Some voters still unsure on presidential choice
It’s been an intense presidential election season, full of back-and-forth debate and sweeping promises. But Eleanor Creamer of Braintree is still waiting for answers.
“They make predictions for what they’re going to do, but they don’t say how or go into detail, which I wish they would,” Creamer said as she and her two grandchildren stopped for doughnuts and coffee at Dunkin’ Donuts on Main Street in Weymouth. “On their campaigns, they speak to people and they keep saying the same things over and over and over again.”
From coffee shop chatter in Weymouth to pet store stoops in Hingham to front lawns in Norwell, there are signs across the South Shore that indicate the presidential election, with a week to go before the polls open, is still up for grabs among locals.
A majority of local voters from both parties have in some ways been without a candidate since the February primary, when Hillary Clinton and Mitt Romney convincingly took Massachusetts and the South Shore, but failed to secure their party’s nomination.
James Kelsey, a union operating engineer working on an expansion project at South Shore Hospital in Weymouth, threw in the towel after his candidate, Clinton, dropped out. The 37-year-old father plans to vote on state ballot questions next Tuesday, but not for president.
“I just think that these are a couple of the saddest-looking candidates we’ve seen in a long time,” Kelsey said. “You’ve got to look at McCain and say, ‘Yeah, sure, American hero. Sure, great American. Fine.’ But a presidential quality guy? I don’t think so. I think he’s past his prime. Obama, I’m not even sure. Where does this guy come from? Who is he? We don’t even have a solid bead on that.”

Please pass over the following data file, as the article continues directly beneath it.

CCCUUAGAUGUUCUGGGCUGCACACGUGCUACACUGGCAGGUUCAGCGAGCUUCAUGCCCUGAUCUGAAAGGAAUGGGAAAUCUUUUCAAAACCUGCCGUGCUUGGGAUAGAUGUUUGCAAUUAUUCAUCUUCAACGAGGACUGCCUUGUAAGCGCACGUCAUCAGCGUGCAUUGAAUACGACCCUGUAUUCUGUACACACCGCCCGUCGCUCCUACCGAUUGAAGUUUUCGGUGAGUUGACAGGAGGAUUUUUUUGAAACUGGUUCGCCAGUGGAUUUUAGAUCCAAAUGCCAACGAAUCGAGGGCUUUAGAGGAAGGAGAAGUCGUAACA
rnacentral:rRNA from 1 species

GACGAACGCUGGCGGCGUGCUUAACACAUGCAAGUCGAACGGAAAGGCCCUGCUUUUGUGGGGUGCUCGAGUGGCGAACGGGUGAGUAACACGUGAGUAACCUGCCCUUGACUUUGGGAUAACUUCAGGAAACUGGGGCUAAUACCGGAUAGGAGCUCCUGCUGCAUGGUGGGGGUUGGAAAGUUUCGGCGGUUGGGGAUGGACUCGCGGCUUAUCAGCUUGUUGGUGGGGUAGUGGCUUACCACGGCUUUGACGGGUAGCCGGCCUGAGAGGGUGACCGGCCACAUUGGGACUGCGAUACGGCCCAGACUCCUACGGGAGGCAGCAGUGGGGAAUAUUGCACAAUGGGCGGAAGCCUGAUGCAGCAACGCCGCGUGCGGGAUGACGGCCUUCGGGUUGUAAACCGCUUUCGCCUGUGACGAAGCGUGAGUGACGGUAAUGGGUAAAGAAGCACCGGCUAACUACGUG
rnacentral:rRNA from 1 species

Much is made of the role new, energized voters will play in this election. Adam Fiander, a 21-year-old college student from Weymouth, said his decision to vote this year was sealed while watching the World Series with some friends.
“Some of my buddies made a great point, that they’ve never really been excited about politics,” Fiander said. “And just the way Obama can speak, it kind of grasps us, you know?”
Not all local young people are locked in to a certain choice. Nicole Lantz, 18, fears Obama is too new and that McCain keeps changing his positions.
“(McCain) will say whatever he needs to to make you happy, and that’s not what I need,” said Lantz, who has a boyfriend and several cousins in the Marines. “I need somebody to keep us safe, not happy.”
But there are diehard supporters. Buwa Ekunkunbor, 60, of Randolph, has watched all three debates and is sure Obama is his guy.
“We can’t have four more years of the Republicans,” he said. “We’ve gone through thick and thin (and) I don’t see the Republican party giving us a change.”
Bob Ullman, a 49-year-old carpenter from Hingham, is voting for McCain based on his experience and said he is “psyched” about Sarah Palin as the first female vice president.
For all the indecision voters may express, Ullman said he has seen lines drawn in the sand. Customers who are Obama supporters have not held their tongues when they see his McCain bumper stickers.
“One customer said to me, ‘I wish I had known your political views before I hired you,’” Ullman said. “I’ll tell you right now, I’m not working for her anymore.”
Jack Encarnacao may be reached firstname.lastname@example.org.